The Slugger O’Toole Band

Slugger O’Toole is a Southern California-based Celtic trad/rock quartet who share a passion for the drinking, fighting & work songs of Ireland. We hail from the four corners, and were thrown together by our mutual love of the music and culture. Slugger concocts a lethal brew of foot-stomping classics, deft instrumentals and four-part a cappella killers. Everybody sweats, everybody sings! Slugger’s live shows at the Ford Amphitheatre, the LA County Irish Fair, the Kern County Celtic Music Festival, Molly Malone’s, O’Brien’s on Main, The Auld Dubliner and The Banshee have been (favorably) compared to “being punched in the face with a fistful of shamrocks.” Slainte!

Matt Foyer (Mandolin, Pennywhistles, Flute)  An enigma! A man of few words! A mysterious presence with the voice of an ancient pirate, he doesn’t so much play his mandolin as punish it. He would like nothing more than to make you weep with a stirring melody coaxed with a feather-light touch from his battered old flute, and then kick your ass for being a cry-baby.

Dan Harper (Guitar)  A true libertine with a lust for life and a fondness for enjoying the finer things, Dan has the gift of the gab and the presence of mind to tell you all about it! Storyteller, raconteur, Renaissance man, he’s quick with a joke, but deadly serious about rocking the joint when the band takes the stage.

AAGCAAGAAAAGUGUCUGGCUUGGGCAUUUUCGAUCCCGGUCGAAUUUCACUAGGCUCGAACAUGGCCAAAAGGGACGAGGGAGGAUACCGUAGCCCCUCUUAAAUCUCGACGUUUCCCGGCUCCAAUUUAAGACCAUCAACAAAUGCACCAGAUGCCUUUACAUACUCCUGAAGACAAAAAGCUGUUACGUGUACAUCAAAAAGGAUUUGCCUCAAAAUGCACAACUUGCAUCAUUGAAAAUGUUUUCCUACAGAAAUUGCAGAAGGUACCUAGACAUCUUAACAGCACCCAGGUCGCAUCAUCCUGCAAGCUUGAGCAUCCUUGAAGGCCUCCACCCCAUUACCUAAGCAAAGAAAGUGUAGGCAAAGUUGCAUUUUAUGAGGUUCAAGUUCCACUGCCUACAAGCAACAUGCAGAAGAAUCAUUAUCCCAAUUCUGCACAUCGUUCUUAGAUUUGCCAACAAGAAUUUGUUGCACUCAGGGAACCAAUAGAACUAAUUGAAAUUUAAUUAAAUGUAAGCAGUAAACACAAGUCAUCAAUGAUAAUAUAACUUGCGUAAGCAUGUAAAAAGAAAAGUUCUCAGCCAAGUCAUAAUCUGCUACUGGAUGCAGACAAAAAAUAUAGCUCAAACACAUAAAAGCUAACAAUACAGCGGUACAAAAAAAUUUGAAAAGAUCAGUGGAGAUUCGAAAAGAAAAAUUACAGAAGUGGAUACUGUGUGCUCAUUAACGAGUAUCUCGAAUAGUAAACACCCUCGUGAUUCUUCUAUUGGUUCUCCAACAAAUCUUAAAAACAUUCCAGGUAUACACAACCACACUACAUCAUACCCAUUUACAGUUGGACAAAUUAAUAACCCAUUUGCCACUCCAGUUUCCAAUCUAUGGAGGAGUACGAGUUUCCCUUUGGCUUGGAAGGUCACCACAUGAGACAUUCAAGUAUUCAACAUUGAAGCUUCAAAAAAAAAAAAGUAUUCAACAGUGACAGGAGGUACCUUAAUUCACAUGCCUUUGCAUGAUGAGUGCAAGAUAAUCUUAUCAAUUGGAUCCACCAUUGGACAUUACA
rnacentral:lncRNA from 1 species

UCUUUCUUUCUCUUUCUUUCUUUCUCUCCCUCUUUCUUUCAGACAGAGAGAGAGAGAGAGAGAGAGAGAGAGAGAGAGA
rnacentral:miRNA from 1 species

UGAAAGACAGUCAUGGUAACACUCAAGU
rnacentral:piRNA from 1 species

Johnny “The Box” McKenna (Button Accordion, Bodhran)  The son of Irish immigrants from Leitrim and Longford, Johnny is a proud Narrowback and a great Yankee fan. You can find him in his basement digging through crates of old vinyls, looking for an obscure tune that he can squeeze through the bellows of his auld mother’s Baldoni button box for the simple joy of blowing your mind with the beauty of it. John is a regular performer with Kerry Records.

Tim “Clogh” McNamara (Bass)  The luckiest man you know. Tim shreds on the guitar but picked up the bass when 30 years of Marshall-stack abuse and sitting too close to the goal siren at Red Wings games finally took their toll on his hearing. Now he plays by feeling the waves of vibration coming up through the soles of his soul. If he‟s smiling at you with that crazy look in his eyes, you probably did something right. And don’t ask about the “Clogh” story, because you don’t want to know.